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Simplify this equation: x^2+2x-1+x2+6y^9

PsychoBaker  Jun 21, 2017
 #1
avatar+2248 
+1

I will assume for this problem that \(x2\hspace{1mm}\text{means}\hspace{1mm}{x^2}\). In this problem, there is only one like term in the expression \( x^2+2x-1+x^2+6y^9\); the 2 x^2-terms. Let's combine them:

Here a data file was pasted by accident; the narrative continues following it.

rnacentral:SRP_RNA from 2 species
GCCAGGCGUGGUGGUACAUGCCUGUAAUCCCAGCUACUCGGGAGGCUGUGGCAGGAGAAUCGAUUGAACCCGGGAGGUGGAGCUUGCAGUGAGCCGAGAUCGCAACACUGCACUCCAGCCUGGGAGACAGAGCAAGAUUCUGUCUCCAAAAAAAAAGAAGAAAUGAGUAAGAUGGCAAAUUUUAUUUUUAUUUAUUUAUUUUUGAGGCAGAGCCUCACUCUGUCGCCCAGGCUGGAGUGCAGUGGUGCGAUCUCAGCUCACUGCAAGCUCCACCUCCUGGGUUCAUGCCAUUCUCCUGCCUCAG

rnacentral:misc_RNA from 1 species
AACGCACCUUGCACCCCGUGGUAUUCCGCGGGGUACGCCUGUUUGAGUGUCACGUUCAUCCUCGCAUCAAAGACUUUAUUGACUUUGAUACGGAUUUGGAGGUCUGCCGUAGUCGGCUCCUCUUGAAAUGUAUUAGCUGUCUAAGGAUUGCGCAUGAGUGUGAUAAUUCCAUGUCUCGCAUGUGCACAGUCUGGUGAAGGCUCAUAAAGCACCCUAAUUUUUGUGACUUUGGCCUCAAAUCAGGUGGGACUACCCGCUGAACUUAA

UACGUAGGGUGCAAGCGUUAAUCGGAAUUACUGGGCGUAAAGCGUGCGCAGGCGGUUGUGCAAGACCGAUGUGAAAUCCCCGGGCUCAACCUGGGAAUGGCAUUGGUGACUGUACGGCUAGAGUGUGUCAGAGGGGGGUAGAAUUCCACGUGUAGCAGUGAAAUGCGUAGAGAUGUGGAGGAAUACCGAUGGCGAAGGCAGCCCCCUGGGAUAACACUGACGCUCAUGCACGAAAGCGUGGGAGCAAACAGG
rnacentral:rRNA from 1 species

\( x^2+2x-1+x^2+6y^9=2x^2+2x-1+6y^9\)

 

Normally, I would stop here, but sometimes you should order your terms in term of its individual degree. If this is the case, your final answer is:
 

\(6y^9+2x^2+2x-1\)

TheXSquaredFactor  Jun 22, 2017
 #2
avatar+183 
0

Thank you.

PsychoBaker  Jun 22, 2017

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